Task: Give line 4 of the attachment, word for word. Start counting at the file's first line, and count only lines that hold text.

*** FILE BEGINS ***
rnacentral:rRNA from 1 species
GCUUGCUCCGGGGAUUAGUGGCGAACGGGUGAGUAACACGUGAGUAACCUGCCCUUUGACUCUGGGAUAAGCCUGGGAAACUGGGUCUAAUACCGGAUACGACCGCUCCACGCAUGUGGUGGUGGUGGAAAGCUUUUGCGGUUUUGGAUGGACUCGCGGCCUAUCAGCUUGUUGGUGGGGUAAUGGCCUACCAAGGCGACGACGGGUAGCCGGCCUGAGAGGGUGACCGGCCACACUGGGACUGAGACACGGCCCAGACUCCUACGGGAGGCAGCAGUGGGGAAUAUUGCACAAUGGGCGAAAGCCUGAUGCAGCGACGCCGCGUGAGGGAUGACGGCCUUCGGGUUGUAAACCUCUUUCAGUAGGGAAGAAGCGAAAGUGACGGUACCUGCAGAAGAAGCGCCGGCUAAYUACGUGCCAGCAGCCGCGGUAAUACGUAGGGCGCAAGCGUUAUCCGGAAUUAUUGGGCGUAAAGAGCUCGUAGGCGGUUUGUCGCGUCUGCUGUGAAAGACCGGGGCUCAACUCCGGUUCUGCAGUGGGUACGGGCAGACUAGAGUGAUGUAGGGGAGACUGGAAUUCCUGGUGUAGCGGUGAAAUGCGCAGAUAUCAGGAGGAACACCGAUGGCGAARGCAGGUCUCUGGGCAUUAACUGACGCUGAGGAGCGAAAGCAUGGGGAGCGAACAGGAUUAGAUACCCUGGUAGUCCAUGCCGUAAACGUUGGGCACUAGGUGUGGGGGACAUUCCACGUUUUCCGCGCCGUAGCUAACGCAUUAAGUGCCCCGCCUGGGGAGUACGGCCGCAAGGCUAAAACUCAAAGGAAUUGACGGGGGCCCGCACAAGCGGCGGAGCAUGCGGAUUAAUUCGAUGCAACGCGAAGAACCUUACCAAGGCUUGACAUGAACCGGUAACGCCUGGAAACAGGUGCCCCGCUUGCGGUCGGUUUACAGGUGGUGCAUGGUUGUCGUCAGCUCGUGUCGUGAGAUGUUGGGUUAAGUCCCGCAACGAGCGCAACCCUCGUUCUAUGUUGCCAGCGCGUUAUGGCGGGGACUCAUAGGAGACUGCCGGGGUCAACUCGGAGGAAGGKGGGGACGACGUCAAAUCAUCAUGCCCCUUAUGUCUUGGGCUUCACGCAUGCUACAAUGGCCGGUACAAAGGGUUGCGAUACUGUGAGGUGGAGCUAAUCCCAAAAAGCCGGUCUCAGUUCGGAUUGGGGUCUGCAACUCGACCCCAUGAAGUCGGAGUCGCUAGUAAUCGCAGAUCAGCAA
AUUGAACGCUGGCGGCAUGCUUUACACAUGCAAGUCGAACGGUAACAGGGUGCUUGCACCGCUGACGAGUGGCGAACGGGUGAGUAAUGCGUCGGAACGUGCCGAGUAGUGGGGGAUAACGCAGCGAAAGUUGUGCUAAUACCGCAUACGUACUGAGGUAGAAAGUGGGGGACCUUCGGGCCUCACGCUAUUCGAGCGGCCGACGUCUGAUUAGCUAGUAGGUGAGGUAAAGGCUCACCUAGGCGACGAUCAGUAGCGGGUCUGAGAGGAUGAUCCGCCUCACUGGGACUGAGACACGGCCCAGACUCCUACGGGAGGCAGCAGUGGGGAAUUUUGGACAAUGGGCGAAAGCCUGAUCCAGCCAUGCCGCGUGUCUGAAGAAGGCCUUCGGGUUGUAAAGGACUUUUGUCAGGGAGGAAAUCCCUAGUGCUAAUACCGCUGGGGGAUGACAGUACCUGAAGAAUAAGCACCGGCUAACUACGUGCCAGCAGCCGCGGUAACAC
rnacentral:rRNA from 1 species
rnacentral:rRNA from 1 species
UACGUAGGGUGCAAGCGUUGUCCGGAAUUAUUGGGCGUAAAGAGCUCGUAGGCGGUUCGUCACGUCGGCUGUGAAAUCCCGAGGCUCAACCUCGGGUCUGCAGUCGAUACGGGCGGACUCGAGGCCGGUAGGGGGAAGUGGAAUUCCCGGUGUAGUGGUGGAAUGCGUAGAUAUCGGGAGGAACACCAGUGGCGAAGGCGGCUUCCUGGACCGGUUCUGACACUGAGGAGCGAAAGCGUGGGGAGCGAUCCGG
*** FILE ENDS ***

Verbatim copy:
rnacentral:rRNA from 1 species